Clifford Berryman cartoon depicting Police Superintendent Robert Barrett with caption, “Were you calling me, Bud?” (Evening Star, Oct. 15, 1948.)

As far back as 1935 when the Washington Symphony began an annual concert series on a barge in the Potomac at the foot of the Watergate steps, airplanes became a new noise pollution issue. Although airplane noise was a concern even in the 1950s, the well-loved tradition continued until 1973. By then air traffic noise had become a major disturbance for residential northwest Washington — Foggy Bottom, Georgetown, Palisades, and Foxhall.

Washington Symphony Orchestra performing on the Watergate concert barge under the direction of Dr. Hans Kindler, Jul. 12, 1939. —courtesy Library of Congress.

Yet other sources of noise could be problematic too. In 1964 the bagpipes included in the plan for a Sunday morning Democratic rally at Dumbarton Oaks were very concerning to nearby residents, though ultimately the “Lovelies for Lyndon” and “Beagles for LBJ” were allowed their bagpipe accompaniment. It wasn’t until 1966 that noise regulations were first enacted for business establishments — in that instance included in liquor licensing regulations. The year before, Georgetowners had protested the renewal of licenses for the Peppermint Lounge and the Corral Café, both in the 3200 block of M Street and both backing up into residential blocks. That allowed for the Alcoholic Beverage Control Board to deny the renewals in accordance with its regulation restricting noise coming establishments that could be heard in those adjacent residential blocks.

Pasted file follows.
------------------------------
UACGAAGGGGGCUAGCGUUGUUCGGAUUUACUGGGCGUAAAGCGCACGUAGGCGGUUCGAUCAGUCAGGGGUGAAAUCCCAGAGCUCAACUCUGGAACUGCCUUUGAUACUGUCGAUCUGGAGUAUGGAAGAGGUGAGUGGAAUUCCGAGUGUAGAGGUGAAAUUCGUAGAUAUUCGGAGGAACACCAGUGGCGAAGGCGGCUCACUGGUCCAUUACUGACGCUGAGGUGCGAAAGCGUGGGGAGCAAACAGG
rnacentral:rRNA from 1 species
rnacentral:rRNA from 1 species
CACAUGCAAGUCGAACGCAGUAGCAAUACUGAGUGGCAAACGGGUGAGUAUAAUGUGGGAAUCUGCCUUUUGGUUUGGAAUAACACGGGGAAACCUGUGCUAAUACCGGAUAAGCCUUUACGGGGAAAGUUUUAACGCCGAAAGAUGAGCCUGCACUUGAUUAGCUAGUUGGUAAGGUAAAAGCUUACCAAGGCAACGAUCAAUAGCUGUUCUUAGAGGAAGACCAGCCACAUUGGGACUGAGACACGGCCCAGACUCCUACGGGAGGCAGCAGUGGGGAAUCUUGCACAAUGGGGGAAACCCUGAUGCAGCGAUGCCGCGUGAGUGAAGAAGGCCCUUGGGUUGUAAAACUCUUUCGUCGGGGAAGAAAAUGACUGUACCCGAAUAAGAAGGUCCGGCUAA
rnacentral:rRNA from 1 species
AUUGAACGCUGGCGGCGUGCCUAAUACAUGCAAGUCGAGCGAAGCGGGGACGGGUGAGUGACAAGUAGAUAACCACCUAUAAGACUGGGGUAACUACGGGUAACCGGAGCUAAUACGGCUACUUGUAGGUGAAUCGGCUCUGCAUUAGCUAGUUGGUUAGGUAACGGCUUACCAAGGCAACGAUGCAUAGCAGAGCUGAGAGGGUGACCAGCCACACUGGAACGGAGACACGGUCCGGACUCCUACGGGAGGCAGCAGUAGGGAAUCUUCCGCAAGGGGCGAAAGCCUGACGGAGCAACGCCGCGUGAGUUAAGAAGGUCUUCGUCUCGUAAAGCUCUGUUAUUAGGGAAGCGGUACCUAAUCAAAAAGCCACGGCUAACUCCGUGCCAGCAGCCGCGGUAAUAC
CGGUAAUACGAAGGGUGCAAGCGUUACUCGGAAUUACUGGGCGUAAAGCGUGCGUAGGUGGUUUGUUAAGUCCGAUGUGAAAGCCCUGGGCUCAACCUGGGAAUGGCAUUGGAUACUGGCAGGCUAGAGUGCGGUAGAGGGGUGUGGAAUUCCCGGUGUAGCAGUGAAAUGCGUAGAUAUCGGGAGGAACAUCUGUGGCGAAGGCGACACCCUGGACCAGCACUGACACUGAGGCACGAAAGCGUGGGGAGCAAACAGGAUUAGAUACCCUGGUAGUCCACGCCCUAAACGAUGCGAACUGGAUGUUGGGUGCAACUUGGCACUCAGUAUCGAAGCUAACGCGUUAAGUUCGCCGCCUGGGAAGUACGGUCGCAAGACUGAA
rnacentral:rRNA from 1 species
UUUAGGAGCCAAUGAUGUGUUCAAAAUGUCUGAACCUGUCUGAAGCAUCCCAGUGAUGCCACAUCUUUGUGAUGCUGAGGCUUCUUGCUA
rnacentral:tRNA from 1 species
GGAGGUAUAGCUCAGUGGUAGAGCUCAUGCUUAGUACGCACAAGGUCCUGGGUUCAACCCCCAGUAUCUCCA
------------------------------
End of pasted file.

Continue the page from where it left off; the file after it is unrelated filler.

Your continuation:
In 1971 the new Environmental Protection Agency (EPA) unwittingly re-enacted traffic sound metering of 36 years previous, and DC was proclaimed a noisy place (again) with sound pollution ranging from 75 to 95 decibels. A year later a new push began for noise regulations; organizations such as the National Institute of Municipal Law Officers created a Model Ordinance Prohibiting Unnecessary Noises. In 1972, the EPA issued its “Report to the President and Congress on Noise” — nearly 500 pages on every aspect of noise pollution. In 1977 the District enacted new 40 plus pages of noise regulations, codified as D.C. Law 2-53, “District of Columbia Noise Control Act of 1977,” It had taken some time; Director of Environmental Services James P. Alexander had drafted the regulations in 1972, modeled on Chicago’s noise ordinance, but the Corporation Counsel held them up for nearly a year until a study was completed at the end of 1973.